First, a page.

…as is the whole Domaine. Thanks to Jean-Luc for his hospitality. Back next year if not before.

By the way – the two “Tradition” Cuvées can be had in the UK from 3D Wines, they are about £9.25 for the white and £10.25 for the red – but you have to buy 12 of the same wine, and you need to join 3D first (£70 a year).

On Monday 18th May the WING group met to taste Chenin Blanc Wines, guided by Anna and Paul.

We all know the qualities (deep acidity and almost indestructible longevity), and versatility (from bone dry, through sparkling and demi-sec to softly sweet, hors d’oeuvres level wines, to fully botrytised dessert wines) of Chenin. It’s one of my favourite grapes, I particularly like the combination of richness and acidity one can find. So I was interested to taste these examples.

Paul and Anna showed us a grower-sourced Loire example against a Ken Forrester, Stellenbosch, South African, equivalent (from Great Western Wines) at three price points: £10; £12 & £24. All the wines were dry: startlingly- in the case of the Loires; more-or-less- in the case of the South Africans.

Here are my notes:

Jasnieres “St Jacques” 2011 (Domaine Gigou)
Pungent, slightly vegetal first note – a dusty nutty element and hints of honey. On the palate very dry with a flinty minerality, fruit acid of warm apples and orange peel – very big but very structured. Later a pea-shoot herbiness appears… Not really typical but very interesting.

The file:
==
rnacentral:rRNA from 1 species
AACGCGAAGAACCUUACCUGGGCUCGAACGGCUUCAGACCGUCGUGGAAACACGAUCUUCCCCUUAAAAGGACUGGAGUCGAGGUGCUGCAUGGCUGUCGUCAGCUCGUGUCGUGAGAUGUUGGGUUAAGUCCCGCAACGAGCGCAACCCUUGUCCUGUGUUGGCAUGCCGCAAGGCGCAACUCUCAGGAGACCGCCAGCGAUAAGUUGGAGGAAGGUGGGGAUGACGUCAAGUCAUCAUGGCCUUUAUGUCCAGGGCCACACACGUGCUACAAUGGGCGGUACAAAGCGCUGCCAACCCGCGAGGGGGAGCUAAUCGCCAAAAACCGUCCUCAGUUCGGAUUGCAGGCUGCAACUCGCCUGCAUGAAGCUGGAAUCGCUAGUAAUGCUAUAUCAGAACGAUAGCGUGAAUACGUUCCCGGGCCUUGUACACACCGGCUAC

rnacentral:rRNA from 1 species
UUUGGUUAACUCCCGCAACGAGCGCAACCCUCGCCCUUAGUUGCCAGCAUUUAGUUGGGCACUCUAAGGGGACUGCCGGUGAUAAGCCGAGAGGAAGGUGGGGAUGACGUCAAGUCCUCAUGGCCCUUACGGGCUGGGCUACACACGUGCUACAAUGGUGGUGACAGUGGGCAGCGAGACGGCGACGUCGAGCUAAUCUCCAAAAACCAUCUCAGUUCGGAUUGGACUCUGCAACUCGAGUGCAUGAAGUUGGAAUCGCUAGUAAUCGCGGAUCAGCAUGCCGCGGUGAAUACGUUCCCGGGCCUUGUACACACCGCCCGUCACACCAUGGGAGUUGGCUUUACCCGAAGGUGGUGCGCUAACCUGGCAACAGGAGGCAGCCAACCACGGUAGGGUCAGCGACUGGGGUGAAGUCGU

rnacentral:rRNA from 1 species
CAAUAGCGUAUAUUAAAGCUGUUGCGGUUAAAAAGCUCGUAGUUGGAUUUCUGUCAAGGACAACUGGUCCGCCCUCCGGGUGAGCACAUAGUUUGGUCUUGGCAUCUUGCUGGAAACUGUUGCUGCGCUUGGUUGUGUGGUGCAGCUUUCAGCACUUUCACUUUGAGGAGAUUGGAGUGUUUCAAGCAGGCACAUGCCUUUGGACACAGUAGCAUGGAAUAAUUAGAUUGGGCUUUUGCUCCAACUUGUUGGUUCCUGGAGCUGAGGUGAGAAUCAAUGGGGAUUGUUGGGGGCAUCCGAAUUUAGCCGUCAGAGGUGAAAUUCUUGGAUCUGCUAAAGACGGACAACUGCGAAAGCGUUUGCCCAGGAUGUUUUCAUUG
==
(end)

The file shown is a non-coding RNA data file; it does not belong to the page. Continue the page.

Petit Chenin 2013 (Ken Forrester)
White stone fruit and some honey sweetness in a rather simple nose. Not quite dry and much softer than the French wine, some acidity with a warm finish with some herbal hints. By comparison rather light and simple though…


Montlouis “Remus” 2013 (Domaine de la Taille aux Loups)
Strong linseed nose, with later a slight sweet fruit hint – greengage? This has sharp lifting citric acidity on the palate, with herby and oily nut elements later. Very mouth puckering, but later the wine starts to resolve… Needs at least 3 years in the cellar, maybe 13…

Old Vine Chenin 2013 (Ken Forrester)
Immediate oaky and honey nose… Oily palate with a warm balance, supported by a consistent line of acidity. A different kind of wine altogether – showing an almost Burgundian weight and balance of richness and acidity. Quite satisfying but not really the same animal at the Montlouis!


Savennières “Clos du Papillon” 2008 (Domaine du Closel)
Notes of straw, intense honey and hints of baked apple and passion fruit with some herbs later. Amazingly sharp wine following such a sweet nose, with an intense but stable acid line underpinning sweet apple and apricot elements, attenuated by a slight oxidization. Very complex and satisfying wine in an inimitable style.

The FMC 2012 ­(Ken Forrester)
Immediate nose of everything Chenin  – honeysuckle, apple honey, passion fruit, apricot, melon… Palate has an integrated sweet warm fruit and a fudge note balanced by a warm acidity that runs right through the wine, but much warmer and softer than any French example. This is very good, a deluxe example of the previous KF wine, but again a different animal entirely to anything French – with warmer and softer – though no less prominent – acidity.

A very interesting tasting which seemed to show that SA Chenin isn’t really the same sort of wine as the Loire version – just as Australian Shiraz is best judged on its own merits rather than compared to Northern Rhone wines. That said the last pair are both worthwhile in different situations. But the wine I’d buy and cellar??? The Montlouis!

We’ll return to Chenin at the ICC in a couple of months.
In the meantime thanks so much Anna & Paul…….